Wheeler played a series of powerful shots into the leg side stand and one particularly sensational shot over long off for 6. He brought up his 50 off 27 balls and finished on 72 from 33 balls, scoring 3 fours and 7 sixes in one of the most spectacular innings that many could wish to see, allowing Colwall to set 230 to win, the 7th highest run total recorded by a side in a Village Knockout Final.

The Redbourne reply could barely have got off to a better start for them with skipper Ed Hales planting Mikey Gooch (0-35) into the leg-side boundary for 6. Fellow brother Will Hales and skipper E Hales found scoring very easy in the first 6 overs and the Hertfordshire side found themselves 50-0 from the first 6 overs. Luke Dalley (2-33) replaced Gooch from the Nursery end and was unfortunate to go for 8 from his first over, an edge and a guide not finding the hands of the slip cordon.

Howitt (1-47) replaced Robertson (0-30) from the Pavillion End and just as he had in the two previous rounds, he struck in his first over, removing Will Hales for 11, caught at mid- wicket. Yorath entered the fray but struggled to put bat to ball. Fortunately for him, Hales was continuing to score at a blistering rate to take Redbourne to 77-1 off the first 10 overs. In the 11th over, Yorath skied Luke Dalley high into the Marleboyne sky ; Ben Febery turned, sprinted 30 yards and took the swirling ball, diving at full tilt to send Yorath back to the pavilion. For the next 5 overs, Colwall enjoyed the best period of their bowling reply – restricting Redbourne to 8 runs during this period.

Hales found his rhythym again in the 17th over, scoring 10 from a Dalley over and (0-27) introduced himself into the attack as a replacement. Undeterred by the short leg side boundary, Wagstaff was not frightened to toss the ball up and generated several wicket – taking chances but they were not taken. At the half way stage, Redbourne were 119/2 and looked comfortable in their chase. Ben Febery (2-40) provided the breakthrough that Colwall desperately needed in the 25th over, removing Hales, who swiped at a full ball and missed, adjudged LBW for an outstanding 119 from 83 balls.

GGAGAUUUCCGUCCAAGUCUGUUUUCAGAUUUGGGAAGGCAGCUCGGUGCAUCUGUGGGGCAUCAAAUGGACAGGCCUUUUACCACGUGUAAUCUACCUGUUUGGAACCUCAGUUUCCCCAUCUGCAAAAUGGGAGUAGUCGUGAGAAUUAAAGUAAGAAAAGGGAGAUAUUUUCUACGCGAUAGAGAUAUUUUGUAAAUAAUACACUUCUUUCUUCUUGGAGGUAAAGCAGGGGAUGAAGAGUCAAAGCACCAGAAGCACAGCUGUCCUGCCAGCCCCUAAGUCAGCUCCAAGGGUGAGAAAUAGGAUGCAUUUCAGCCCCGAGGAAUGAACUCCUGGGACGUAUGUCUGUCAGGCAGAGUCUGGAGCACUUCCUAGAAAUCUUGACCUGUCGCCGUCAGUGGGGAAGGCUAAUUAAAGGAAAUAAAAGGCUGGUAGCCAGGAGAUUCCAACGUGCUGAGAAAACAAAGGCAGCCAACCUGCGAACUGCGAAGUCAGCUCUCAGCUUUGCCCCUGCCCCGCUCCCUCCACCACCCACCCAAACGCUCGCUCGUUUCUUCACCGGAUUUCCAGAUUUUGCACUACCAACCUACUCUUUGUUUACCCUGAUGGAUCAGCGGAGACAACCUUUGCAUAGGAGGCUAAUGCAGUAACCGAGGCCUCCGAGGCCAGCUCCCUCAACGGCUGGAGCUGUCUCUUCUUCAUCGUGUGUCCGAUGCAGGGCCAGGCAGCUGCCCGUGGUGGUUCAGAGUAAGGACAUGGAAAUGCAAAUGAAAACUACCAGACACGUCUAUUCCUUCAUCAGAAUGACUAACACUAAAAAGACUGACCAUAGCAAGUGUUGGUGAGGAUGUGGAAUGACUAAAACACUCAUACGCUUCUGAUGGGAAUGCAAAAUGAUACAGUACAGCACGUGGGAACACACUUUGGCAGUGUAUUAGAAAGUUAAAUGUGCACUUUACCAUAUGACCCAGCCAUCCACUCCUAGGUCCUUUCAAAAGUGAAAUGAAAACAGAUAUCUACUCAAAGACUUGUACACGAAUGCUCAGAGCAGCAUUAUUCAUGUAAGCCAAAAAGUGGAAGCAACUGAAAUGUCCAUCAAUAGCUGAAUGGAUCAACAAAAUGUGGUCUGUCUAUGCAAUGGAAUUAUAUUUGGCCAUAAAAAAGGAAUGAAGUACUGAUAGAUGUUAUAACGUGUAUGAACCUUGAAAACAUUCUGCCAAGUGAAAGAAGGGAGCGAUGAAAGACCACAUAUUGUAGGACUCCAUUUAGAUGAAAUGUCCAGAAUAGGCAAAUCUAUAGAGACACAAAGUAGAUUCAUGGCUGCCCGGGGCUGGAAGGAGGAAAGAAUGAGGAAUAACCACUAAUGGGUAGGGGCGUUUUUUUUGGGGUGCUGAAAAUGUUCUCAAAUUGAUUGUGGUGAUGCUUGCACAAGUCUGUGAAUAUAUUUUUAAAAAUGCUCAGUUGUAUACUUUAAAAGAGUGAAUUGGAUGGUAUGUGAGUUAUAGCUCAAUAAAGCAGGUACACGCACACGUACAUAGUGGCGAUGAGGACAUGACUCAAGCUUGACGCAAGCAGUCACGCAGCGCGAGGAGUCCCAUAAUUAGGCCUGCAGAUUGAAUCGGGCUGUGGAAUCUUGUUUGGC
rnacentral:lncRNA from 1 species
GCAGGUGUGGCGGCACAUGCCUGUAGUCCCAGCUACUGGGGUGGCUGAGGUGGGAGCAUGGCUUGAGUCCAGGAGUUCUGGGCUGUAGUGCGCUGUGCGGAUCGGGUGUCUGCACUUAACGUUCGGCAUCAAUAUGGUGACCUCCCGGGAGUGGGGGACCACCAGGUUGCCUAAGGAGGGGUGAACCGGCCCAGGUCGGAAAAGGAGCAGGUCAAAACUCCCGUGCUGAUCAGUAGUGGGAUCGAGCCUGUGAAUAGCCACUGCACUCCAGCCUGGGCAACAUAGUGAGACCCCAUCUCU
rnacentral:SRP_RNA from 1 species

From this point on, Redbourne found it significantly harder to score runs and having needed 70 from 84 balls, they now needed 58 from 60 balls. Mikey Gooch returned in the 29th over to replace Wagstaff and bowled an outstanding second spell down the Lords slope. The combination of Roe and Craig could barely put bat to ball and in stark contrast to his opening spell, he went for 12 runs from his final 5 overs.

Febery then took the crucial wicket of the well – set Roe in the 34th over, an outstanding sliding catch by Cameron in the deep to remove him. If Colwall thought this had swung match for them, they were mistaken as new batsmen Richards came out swinging, scoring at a run a ball until he was dismissed by the returning Dalley for 22 in the 39th to provide Colwall with a huge momentum boost going into the final over. Robertson was tasked with bowling the final over with Redbourne requiring 10 runs to win as they would have won with a tie, based on wickets lost and runs scored at the 20 over stage. Redbourne scored 3 singles and one leg bye from Robertson’s over and fell short by 5 runs, giving Colwall their first win of the National Village Knockout Trophy.

Whilst the wicket of Hales was an enormous boost to Colwall’s chances of winning, the economical bowling of Dalley and Gooch in his second spell should not be understated in helping Colwall drag the game back and eventually win it. James Wagstaff lifted the trophy in front of the Members pavilion and Colwall were crowned champions.